I may have a new favorite Varda. Again she collects strong subjective pieces and mixes them against each other to end up with something deeply complex.
I know Demy’s films can be more complicated than they seem, but I sometimes wonder how a marriage worked between someone who seemed to drown in nostalgia for capital R romance and someone who seemed so critical of the establishment. A curious little film, very funny, and though a collaboration not at all out of place.
Really great. Everything comes together – the personal, the political, the aesthetic.
A fun film, but dated. She excels when her politics are subtext instead of subject. I think it is because she is then able to give a more nuanced position and this nuance clashing against her expressionistic tendencies is where the magic happens.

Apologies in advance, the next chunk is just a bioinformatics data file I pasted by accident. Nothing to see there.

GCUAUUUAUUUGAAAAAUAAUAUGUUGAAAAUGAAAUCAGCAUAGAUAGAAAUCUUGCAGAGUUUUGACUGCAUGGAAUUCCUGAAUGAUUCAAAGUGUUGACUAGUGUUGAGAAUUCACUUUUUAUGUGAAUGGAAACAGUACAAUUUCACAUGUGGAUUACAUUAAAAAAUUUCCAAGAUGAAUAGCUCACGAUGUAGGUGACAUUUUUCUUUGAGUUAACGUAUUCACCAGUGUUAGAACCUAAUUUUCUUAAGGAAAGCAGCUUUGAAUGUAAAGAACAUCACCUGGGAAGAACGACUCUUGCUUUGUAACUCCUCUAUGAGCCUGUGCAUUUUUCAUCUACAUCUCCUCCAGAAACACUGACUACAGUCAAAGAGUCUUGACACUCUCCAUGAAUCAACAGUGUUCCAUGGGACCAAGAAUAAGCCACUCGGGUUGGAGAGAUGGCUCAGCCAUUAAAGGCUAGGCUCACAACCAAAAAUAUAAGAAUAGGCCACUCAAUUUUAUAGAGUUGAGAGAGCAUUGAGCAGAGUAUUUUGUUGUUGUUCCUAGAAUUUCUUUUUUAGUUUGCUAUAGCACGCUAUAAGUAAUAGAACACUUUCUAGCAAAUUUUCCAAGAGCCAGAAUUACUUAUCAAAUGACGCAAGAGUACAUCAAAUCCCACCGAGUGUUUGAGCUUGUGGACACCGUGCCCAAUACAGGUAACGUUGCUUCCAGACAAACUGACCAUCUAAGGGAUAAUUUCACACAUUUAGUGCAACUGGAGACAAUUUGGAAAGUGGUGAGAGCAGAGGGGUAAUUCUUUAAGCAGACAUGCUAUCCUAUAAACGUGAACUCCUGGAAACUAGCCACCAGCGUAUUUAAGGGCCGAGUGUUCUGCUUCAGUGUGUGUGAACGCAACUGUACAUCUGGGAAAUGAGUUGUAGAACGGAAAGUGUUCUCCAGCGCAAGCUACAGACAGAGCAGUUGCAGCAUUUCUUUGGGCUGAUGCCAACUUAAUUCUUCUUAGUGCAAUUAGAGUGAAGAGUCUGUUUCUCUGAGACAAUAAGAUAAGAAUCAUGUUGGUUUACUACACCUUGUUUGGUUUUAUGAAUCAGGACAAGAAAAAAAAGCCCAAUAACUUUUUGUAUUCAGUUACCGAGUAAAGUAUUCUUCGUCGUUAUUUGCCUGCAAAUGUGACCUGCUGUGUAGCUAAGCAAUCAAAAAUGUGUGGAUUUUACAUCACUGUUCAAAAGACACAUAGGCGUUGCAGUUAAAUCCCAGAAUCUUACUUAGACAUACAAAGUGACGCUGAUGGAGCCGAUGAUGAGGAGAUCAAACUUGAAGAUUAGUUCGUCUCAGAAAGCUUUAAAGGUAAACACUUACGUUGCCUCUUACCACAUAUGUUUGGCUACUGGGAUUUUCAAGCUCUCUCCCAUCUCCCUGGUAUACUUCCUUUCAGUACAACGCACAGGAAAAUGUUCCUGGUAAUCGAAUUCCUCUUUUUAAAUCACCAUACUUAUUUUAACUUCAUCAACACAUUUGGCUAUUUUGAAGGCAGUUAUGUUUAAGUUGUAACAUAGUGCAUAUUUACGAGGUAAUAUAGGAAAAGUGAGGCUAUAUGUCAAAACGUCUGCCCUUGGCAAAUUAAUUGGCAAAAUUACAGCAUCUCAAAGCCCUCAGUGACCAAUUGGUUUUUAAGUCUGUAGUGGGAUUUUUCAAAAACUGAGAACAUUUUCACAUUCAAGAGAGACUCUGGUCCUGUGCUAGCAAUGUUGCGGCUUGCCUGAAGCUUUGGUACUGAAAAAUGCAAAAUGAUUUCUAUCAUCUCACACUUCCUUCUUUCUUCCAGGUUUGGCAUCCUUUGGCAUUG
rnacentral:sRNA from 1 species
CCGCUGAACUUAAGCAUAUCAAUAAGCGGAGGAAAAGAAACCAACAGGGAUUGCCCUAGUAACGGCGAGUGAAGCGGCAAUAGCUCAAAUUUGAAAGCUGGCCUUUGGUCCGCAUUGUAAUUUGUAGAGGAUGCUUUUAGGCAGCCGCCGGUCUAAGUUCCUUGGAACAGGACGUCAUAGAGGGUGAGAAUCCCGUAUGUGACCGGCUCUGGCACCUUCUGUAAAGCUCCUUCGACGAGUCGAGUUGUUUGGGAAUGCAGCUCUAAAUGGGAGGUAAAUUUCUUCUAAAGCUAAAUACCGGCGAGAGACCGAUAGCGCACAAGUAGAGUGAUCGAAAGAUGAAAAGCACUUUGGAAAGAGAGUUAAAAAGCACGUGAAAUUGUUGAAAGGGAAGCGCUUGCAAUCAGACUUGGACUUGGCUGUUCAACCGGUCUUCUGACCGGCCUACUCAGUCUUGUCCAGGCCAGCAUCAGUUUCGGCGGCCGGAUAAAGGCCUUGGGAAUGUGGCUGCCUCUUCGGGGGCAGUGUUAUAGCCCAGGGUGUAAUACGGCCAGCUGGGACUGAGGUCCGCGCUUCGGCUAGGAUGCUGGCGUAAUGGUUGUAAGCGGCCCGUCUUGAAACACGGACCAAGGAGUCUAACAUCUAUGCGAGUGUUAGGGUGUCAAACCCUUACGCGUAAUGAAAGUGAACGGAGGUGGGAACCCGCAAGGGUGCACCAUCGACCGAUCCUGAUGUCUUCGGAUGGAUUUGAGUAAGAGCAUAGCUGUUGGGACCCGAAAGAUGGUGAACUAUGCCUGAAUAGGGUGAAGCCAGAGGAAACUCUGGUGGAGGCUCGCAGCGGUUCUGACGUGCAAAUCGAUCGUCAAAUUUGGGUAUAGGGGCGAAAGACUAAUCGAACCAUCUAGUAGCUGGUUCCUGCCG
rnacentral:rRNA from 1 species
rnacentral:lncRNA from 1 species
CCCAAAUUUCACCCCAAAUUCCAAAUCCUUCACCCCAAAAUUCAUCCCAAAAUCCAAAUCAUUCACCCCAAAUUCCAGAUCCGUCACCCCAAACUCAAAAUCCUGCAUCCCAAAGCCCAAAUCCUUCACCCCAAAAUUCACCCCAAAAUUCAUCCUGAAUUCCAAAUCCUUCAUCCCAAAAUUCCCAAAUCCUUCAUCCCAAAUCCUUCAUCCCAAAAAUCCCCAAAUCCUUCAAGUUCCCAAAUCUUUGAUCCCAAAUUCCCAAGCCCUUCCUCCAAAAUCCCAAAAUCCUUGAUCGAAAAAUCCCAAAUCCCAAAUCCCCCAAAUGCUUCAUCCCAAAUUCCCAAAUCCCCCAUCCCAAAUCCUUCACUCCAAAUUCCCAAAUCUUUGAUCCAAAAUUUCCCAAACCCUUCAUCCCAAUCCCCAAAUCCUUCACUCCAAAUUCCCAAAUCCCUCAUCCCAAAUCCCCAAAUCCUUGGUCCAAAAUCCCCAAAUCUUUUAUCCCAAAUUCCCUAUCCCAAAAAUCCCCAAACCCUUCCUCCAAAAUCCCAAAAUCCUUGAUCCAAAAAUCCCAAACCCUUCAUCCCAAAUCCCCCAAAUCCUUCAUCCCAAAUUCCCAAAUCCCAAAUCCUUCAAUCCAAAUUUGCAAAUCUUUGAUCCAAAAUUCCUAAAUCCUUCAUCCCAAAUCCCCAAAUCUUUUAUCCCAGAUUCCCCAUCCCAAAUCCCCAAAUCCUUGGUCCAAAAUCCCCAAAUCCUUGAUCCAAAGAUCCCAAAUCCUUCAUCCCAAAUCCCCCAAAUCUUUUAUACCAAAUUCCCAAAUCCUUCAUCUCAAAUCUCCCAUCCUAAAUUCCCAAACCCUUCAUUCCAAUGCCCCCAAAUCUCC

Again the balance of representation is strong in her work. There is a melancholy that hangs over everyone, not just the “victim.” Everyone gets their humor too. The politics are more seamlessly integrated than in One Sings.
This just needed to be cut by 15-20 minutes. I loved its earnestness, but sometimes it gets clumsy. I loved the ebb and flow, but sometimes the “and then” format grew tedious. But it is a truly human film – it feels sloppy, but many times this is a virtue.
This did a better job of balancing humor and politics than the feature. The more delicate touch doesn’t undermine the message, but does help make the message more approachable.